We were soon shown to the dining room, where fourteen-foot cielings made room for twelve-foot china and silver cabinets, huge chandeliers, bed-sized portraits and the like. We were seated at a sixteen-foot table with china, silver, linen, candles, the whole works. There were nine of us. After some translation, the rarest steak was soon hanging over the edges of my sizable plate, then piled with goat-cheese and tomato salad, what looked and tasted like potato chips but were soft enough to eat with a fork and still hot from the fryer, baked chick peas with crunchy, salty pork skins on top (served in what surely must have been great-great-grandmother’s favorite cast-iron heirloom), fresh bread in huge slices, and a sauce that resembled mayonaisse but tasted like garlic and olive oil and heaven. Salt was presented in a bowl coarsely ground, hot, and soft enough to crumble onto your steak with your fingers. Dipping everything into the garlic/olive-oil/heaven mixture, we ate. It was good. So far, except for the salt, everything was grown and prepared at the Mas.This next bit might be rated PG for excess alcohol consumption. I had just recovered from our lunch when we met for a beer before the drive to the Mas. The porro of estate wine was still being passed around when glasses of Jorme’s family wine were poured, twenty years old, dark red, sweet and strong. Salut! Some local Catalon wine was also served, red and white. Then the host brought out his father’s Ratafia. Remember Ratafia, from way back there at lunchtime? This time it was served ice cold. Walnuts, anise, cinnamon, 30 herbs, about 35% alcohol, average guess. Sweet, but bitter too. When the host saw that I liked it, loved it, he kept my glass full. It was just right to wash down the almond-vanilla cake, brownie-like chocolate cake, and giant strawberries (not from the Mas). That was all pretty easy to wash down anyway, due to the healthy dollop of whipped cream on our plates. Not stiff whipped cream, not runny, just…whipped cream. It was good. About a second and a half after I thought, “I could use a toothpick,” toothpicks appeared at my elbow on a scallopped plate arranged so that you could take one without touching the others with your fingertips. The hostess spoke to me for the first time, in un-accented English. “Was it good?” she asked. “Very good,” I said. “You speak English.” “I was educated in Switzerland.” Our host and one or two of the men kept up the lively conversation, with close attention and frequent contribution from the others. The women and I were silent, attentive, smiling. The host wouldn’t let my glass get empty. Ratafia, my new favorite drink. I said, “This is the finest Ratifia I have ever had!” in English, and we all laughed like it was the funniest thing ever heard. Clemente translated it and we laughed louder and poured more. Good; they were as drunk as I was. We had some laughter about my sunburned face and white hair and beard. As the oldest there, a traveler and a guest, I was shown much respect. I thought to myself, “I’d like to play my mandolin.” Laura said, “Would you play your mandolin for us, please?” Still at the table, I played Maiden’s Prayer and Real Laid Back to rapt attenton and applause. More Ratafia followed. More raucus laughter. There was a general getting up and clearing of the the table; Ramon and Melissa left, and Jordi (of the Mas) had to turn out the kitchen lights to stop Clement from doing dishes. (Shall I describe the kitchen for you foodies? Starts with an oversized Aga built into a hooded tile alcov; tile floors, stone walls, and arched windows; copper sinks in addition to the original massive stone ones; a chopping block the size of a Fiat holding a loaf the size of a bed pillow and a sword-like knife; big hams and cheeses, copper and cast iron hanging thick from wrought-iron racks and hooks; large wooden shelves with large white stoneware bowls and pitchers. No electrical appliances except a commercial bakery-style bread kneading machine. No fridge but a door to a pantry where a spring-fed stone water trough keeps things fresh in wood-lidded crockery and cork-stopped stoneware jugs. More. There.) Seven now, we repaired to the room with the fire, where the host threw on another burley fruitwood crotch. When it smoked and refused to catch, I distinguished myself by blowing it into flames with three big ones while the hostess was reaching for kindling. Drunken bastards hurt my sunburn slapping my back in admiration. An ancient-looking brown stoneware bottle of gin, some glass bottles of tonic water, lemons and crushed ice were brought out, and strong gin-and-tonics were prepared in long-stemmed snifters of some sort right there on the table so that the host and hostess would not miss a syllable of conversation. I picked up the mandolin and asked, “Happy or sad? Fast or Slow?” “Some of each, please.” Appalachian Spring, Big John McNeil, Ashokan Farewell and then Sailor’s Hornpipe. They thanked me profusely, pleaded for more. I tried Flintstones and it worked, Jorme howling “¡WILMA!” at the end with such perfection that the laughter went on for longer than the tune did. Now I wasn’t the only one with a bright red face. The fire and the conversation died down in a pleasant lull as we all sipped our drinks, sighed and smiled. “One more please, a slow one?” Alone Again, Naturally. All eyes were either closed, gazing at the mandolin or staring into space; all were wet, mine included. 2:00AM. Goodbyes were said, hugs and long, two-handed handshakes, and we were walked to our vehicle. The dog came out to slobber sleepily on Jorme one more time. We took back roads to Gironella for security reasons. We let Clemente out in the middle of nowhere, because that’s where he lived. Dropping Jorme and Quinti off at their car with another heartfelt goodbye, we surely woke townspeople with our cries of “¡WILMA!” Less than thirty meters from Jordi’s house he said, “There’s still one place open. Want a beer?” I said, “The night is young.” He looked at me thoughtfully for a few seconds and said, “Yes, it is.” After a few seconds more he said, “OK, you want a beer or no?” The place was still hopping with young folks watching the band pack up. Jordi finally let me pay for something after I whacked him with my hat. We took our beers to a table and met Quinti number two, a happy local fellow with English. Quinti helped to refine my view of Catalunya. “I like Spain,” he said. “But this is not Spain. This is Catalunya. I like America, too. But this is not America. This is Catalunya. I love to visit Spain, I love the Spanish people. But I am not Spanish. I am Catalon. I hope to visit America some day. I’m happy that you visited Catalunya. I hope you return.”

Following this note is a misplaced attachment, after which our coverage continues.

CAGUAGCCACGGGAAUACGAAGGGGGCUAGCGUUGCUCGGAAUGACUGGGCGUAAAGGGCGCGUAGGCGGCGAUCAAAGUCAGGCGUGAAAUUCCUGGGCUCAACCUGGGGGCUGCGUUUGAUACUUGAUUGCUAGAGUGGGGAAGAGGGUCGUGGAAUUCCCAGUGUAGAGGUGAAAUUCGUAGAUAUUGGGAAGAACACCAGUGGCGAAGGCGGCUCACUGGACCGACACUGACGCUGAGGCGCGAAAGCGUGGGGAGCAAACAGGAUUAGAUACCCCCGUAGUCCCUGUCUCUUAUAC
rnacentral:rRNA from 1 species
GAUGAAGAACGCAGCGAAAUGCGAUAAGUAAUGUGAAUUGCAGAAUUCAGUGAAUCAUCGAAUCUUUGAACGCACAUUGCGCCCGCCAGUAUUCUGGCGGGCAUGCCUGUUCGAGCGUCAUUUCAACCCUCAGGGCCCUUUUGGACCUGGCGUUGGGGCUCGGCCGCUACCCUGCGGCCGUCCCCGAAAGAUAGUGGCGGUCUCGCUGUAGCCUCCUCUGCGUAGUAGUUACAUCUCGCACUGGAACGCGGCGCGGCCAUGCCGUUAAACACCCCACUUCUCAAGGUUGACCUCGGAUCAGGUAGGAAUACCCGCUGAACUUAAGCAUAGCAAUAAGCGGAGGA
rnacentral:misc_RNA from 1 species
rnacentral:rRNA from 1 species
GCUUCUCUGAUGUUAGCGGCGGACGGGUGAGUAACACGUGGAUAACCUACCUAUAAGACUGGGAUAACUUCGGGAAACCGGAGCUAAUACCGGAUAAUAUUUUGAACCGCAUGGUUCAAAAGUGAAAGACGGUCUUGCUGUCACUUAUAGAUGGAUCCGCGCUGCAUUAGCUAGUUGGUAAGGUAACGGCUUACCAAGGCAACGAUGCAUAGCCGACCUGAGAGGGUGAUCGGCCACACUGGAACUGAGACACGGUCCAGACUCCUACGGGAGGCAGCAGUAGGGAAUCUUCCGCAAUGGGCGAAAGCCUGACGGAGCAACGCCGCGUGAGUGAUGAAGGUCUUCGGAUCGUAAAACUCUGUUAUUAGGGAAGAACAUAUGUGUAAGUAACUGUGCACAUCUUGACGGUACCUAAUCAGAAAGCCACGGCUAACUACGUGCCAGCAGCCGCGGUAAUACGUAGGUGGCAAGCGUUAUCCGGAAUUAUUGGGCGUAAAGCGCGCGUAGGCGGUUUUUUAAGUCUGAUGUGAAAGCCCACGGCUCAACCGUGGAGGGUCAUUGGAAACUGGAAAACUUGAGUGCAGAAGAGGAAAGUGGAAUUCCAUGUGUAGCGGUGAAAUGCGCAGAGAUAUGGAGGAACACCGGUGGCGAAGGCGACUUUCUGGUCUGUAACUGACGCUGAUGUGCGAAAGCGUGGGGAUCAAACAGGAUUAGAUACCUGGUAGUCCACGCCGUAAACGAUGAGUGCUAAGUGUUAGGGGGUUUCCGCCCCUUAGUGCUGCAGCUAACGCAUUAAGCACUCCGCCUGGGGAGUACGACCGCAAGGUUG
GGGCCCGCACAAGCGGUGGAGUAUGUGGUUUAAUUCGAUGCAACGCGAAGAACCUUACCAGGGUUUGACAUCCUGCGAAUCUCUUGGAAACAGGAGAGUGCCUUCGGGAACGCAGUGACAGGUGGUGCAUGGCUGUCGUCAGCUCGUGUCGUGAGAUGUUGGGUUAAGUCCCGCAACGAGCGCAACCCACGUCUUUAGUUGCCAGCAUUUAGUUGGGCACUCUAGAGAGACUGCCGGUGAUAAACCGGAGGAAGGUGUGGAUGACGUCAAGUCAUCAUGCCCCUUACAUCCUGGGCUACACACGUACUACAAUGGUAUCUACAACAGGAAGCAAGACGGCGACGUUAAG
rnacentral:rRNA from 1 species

That would make a good ending, no? But it goes on. High on Yerba Mate, I stayed up until sunrise writing these paragraphs. In a stroke of luck (both kinds), I deleted my work accidentally and irretreivably after a couple of hours. The resulting re-write is better, richer, smoother and shorter, in my humble, biased opinion. I slept from 8:00 to 11:00 and went across the street for breakfast. Jordi was delivering grocericies with his father. At the busy cantina, Marta refused my money. “Hong Kong” she said. A couple of hours later, after a rain and a nap, I was invited to the home of Guissepe and Lourdes, Jordi’s parents, for another of these Catalunya lunches; beautiful, elaborate, delicious, exotic fare served with four kinds of alcoholic beverage, some home-made. Guissepe showed me his travels on a map of America. He has several times flown to the USA, rented a nice car, and driven thousands of miles. He has visited more North American cities than I have. He loves cars and trucks. He wanted all the details on what I drive and what I like; he approved heartily.
Now I’m back at Jordi’s typing this while he and his friends make beer in the kitchen. In a little while I will start packing, preparing for tomorrow’s ride to Barcelona and my ferry to Italy. But not before a farewell, Sunday-morning breakfast with half the town at Marta’s cantina. At Mass there will be prayers, I have been assured, for good weather and favorable winds, safety and protection from evil for the American traveler. I leave Gironella and Catalunya with regret and joy, a smile on my face and a lump in my throat.